Coast Guard to enforce slow speed zone in Biscayne Bay on Fourth of July

MIAMI — There will be a Regulated Navigation Area Tuesday in Biscayne Bay with an enforced 15-knot speed limit from 7 p.m. until 11:59 p.m.

The Fourth of July is traditionally a time of increased boating traffic in Biscayne Bay due to the myriad of fireworks displays. In past years, a combination of this increased traffic and vessels traveling at excessive speeds has resulted in deaths and serious injuries. In 2014, four people were killed in a vessel collision while traveling back to the boat ramp after watching fireworks. For this reason, the Coast Guard has established a RNA in Biscayne Bay on the Fourth of July. This RNA requires all vessels in the area to maintain a maximum speed of no greater than 15 knots during this time period. Nothing in this rule alters any existing slow speed or no wake areas, nor does it absolve the vessel operator from their responsibility to safely navigate their vessel.

The public is reminded to remain aware of their surroundings, watch the weather, and understand the hazards of boating under the influence of alcohol while on the water this weekend.

Weather conditions can change instantaneously, especially during the summer months. The National Weather Service broadcasts marine weather forecasts regularly. The forecast can be heard by tuning into channels one through five on VHF-FM marine radios or by checking the NWS website at

Boaters are also reminded of the dangers of boating under the influence. In addition to decreasing the operator’s ability to make sound judgments, the consumption of alcohol also negatively affects the ability of passengers to respond in the case of an emergency on the water.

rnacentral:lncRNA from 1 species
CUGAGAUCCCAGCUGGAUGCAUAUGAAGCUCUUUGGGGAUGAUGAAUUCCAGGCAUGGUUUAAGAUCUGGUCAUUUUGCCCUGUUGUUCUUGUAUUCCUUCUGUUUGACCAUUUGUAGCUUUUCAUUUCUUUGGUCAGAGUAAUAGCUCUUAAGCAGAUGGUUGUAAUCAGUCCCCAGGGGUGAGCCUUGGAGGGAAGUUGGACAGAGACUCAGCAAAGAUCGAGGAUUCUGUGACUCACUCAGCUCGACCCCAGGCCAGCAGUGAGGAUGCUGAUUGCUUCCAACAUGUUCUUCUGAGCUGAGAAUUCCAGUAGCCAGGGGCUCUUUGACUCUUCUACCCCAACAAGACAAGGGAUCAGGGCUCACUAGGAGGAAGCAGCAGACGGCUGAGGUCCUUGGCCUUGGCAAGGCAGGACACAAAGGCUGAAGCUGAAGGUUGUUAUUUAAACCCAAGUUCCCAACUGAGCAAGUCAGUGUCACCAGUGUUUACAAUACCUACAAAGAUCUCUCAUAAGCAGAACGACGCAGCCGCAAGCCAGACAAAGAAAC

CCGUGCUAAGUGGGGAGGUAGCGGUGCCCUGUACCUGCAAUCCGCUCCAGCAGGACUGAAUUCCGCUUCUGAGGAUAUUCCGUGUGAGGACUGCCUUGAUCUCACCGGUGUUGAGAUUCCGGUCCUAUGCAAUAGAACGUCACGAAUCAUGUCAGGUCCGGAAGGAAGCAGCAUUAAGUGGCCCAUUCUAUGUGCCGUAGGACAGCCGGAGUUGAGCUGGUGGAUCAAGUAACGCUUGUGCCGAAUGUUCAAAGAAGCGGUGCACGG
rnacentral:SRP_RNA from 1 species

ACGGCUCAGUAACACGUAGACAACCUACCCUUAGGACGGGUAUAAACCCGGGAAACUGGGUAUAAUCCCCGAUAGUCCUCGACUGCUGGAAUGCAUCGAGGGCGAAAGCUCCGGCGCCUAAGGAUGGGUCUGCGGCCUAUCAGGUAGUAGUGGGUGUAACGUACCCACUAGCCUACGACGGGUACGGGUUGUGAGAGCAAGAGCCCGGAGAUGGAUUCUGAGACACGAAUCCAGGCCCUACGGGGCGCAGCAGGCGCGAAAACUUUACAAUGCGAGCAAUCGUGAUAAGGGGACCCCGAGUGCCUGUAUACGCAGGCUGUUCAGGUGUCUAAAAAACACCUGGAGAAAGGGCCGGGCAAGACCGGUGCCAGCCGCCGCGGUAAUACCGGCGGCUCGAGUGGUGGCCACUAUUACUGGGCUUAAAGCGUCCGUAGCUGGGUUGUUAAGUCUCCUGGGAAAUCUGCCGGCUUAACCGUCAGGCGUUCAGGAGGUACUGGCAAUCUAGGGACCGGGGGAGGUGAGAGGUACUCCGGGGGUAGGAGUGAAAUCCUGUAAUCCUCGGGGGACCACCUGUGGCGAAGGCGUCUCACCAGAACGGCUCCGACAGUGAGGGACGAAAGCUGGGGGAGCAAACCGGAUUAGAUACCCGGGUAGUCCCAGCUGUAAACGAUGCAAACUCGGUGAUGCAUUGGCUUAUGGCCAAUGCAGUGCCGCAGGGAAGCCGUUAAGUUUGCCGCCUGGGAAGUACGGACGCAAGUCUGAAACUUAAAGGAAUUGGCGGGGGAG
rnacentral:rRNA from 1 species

Intoxicated boaters can face both federal and state charges with penalties of up to one year in prison and up to $100,000 in fines.

The Coast Guard reminds boaters not to use emergency flares as celebratory fireworks. Flares should only be used in times of distress. Boaters are also reminded to always wear their life jackets, file a float plan with a friend or family member, and carry a working VHF-FM radio and Electronic Position Indicating Radio Beacon.

“We want everyone to have a great Fourth of July,” said Capt. Megan Dean, commander of Coast Guard Sector Miami. “But we also need boaters to do that safely. File a float plan, make sure you have all of your safety equipment, have a designated boater and wear your life jackets.”

More information on boating safety can be found at

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